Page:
Volvo are re-emerging from the Northern wilderness and look set to upset the automotive establishment by offering something increasingly novel: a genuine alternative.
Recently I was asked to cite which manufacturer impressed most over the past twelve months and I didn’t hesitate. It had to be Volvo. Having been a brand that previously earned my respect but little else, the sole remaining Swedish marque appears to be in the process of reinventing itself as perhaps the most viable alternative to the hegemony of the luxury car establishment, with a style and appeal that stands coolly apart from the self-aggrandizement of the mainstream prestige marques and their acolytes. Continue reading “Volvo: Scandinavian Without the Drama”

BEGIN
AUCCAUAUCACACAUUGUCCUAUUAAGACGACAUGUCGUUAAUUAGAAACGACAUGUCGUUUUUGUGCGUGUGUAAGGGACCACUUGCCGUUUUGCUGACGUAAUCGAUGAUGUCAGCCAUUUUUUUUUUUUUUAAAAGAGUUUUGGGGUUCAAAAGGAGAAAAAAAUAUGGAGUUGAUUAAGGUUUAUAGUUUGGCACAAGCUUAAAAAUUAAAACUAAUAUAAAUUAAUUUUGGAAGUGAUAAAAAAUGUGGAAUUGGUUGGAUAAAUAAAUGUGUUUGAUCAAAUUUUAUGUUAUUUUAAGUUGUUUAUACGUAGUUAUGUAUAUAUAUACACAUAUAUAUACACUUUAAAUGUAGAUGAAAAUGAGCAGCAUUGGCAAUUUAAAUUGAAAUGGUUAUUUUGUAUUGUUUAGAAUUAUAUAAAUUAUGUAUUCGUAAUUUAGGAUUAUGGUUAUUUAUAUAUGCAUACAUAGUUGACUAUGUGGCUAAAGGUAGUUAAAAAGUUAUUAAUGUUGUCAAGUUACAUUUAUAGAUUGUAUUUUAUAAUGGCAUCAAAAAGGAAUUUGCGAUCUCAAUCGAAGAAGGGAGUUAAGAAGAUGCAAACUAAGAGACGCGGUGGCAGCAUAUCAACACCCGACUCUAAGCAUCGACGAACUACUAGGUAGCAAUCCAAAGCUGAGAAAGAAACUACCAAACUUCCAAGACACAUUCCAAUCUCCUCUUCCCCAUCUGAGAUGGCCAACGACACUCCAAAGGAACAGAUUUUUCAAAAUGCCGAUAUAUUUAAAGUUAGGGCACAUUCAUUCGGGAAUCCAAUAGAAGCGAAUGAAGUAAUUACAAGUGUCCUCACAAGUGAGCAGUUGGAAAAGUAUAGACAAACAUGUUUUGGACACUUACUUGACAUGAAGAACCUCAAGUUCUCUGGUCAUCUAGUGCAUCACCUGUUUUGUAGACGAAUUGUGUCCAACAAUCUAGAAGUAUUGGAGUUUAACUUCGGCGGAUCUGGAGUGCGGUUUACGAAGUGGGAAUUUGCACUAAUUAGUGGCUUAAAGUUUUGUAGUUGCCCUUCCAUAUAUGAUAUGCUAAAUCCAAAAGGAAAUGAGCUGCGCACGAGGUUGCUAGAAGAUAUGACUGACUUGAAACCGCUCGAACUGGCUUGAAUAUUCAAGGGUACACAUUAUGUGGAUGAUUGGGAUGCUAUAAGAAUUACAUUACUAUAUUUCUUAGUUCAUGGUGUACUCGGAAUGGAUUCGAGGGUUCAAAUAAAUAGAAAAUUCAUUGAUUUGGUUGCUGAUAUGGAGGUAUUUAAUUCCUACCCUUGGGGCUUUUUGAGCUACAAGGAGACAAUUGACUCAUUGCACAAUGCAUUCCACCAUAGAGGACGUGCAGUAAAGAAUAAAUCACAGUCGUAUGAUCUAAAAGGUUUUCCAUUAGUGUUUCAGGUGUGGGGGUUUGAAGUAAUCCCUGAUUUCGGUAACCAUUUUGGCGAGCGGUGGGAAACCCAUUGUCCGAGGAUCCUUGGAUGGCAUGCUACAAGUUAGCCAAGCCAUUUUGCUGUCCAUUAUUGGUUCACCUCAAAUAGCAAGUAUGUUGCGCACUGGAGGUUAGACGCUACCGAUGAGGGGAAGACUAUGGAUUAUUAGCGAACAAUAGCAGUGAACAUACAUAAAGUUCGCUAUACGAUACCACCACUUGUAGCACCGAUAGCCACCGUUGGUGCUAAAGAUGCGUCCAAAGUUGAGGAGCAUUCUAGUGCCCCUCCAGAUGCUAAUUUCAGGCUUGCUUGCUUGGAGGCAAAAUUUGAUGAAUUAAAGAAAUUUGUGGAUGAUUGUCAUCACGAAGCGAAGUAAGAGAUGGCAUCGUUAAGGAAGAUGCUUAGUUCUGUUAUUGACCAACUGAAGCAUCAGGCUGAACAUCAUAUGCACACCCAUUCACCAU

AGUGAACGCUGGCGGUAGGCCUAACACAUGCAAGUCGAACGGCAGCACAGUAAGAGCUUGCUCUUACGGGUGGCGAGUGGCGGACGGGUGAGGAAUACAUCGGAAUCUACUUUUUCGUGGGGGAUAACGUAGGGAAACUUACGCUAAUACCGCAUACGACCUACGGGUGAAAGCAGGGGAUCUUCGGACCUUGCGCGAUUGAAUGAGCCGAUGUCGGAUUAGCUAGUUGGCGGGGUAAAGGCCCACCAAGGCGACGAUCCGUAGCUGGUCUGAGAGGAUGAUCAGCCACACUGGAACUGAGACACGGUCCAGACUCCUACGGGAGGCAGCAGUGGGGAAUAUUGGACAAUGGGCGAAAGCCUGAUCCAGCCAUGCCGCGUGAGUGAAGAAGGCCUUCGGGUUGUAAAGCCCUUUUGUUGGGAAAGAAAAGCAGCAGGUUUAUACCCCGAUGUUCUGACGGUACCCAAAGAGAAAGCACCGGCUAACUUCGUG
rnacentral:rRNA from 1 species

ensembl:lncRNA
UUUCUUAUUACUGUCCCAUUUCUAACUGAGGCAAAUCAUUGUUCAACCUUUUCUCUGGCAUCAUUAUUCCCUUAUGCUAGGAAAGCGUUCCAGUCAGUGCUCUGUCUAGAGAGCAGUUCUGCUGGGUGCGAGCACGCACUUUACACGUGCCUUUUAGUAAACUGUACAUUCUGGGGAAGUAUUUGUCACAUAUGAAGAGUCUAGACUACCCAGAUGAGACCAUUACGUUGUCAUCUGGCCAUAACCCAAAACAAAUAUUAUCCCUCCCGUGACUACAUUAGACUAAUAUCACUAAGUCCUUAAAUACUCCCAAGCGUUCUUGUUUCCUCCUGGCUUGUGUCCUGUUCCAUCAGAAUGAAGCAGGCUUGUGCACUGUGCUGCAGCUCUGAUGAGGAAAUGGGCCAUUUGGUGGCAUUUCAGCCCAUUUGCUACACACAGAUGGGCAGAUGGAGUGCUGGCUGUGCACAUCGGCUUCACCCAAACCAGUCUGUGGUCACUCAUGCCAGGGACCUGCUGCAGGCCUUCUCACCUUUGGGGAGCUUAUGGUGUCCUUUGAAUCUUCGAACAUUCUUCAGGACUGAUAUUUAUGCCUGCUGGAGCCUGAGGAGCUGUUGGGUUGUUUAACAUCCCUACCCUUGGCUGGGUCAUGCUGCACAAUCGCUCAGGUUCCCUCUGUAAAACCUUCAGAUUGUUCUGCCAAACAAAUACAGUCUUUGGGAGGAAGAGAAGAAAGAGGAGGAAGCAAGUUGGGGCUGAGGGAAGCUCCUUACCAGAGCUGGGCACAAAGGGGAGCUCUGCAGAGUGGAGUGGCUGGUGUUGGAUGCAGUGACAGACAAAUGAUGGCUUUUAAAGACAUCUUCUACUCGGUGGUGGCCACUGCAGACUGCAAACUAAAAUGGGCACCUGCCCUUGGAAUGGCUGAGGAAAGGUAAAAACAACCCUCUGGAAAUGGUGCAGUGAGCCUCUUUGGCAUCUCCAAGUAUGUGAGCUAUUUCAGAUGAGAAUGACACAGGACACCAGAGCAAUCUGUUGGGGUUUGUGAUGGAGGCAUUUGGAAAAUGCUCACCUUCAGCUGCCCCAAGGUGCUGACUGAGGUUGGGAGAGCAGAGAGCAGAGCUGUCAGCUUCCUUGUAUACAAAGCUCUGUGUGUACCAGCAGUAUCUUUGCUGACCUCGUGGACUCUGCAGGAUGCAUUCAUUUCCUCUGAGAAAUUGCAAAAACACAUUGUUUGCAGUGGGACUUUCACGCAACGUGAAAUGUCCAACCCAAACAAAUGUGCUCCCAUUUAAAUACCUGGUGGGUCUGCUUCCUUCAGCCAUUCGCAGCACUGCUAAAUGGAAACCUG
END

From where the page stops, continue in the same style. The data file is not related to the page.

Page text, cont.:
Looking at European sales of the 7 Series, A8, XJ and S Class since 1997 (figures courtesy Left-Lane.com) in chart form is revealing. Of course, each brand’s sales pick up when a new model is released, but the S Class jump with its last three model launches is proportionally huge compared with the others. But as the model becomes established, it sinks to quite similar levels as the A8 and 7 Series. Why is this? One explanation may be the private hire trade. In this a Mercedes is the default choice and, as I heard from one guy who runs his own car, clients don’t like being picked up in a previous model – as soon as the new model becomes available he puts in his order for a car that lasts him 7 years. Continue reading “You’re Not Alone, Jaguar”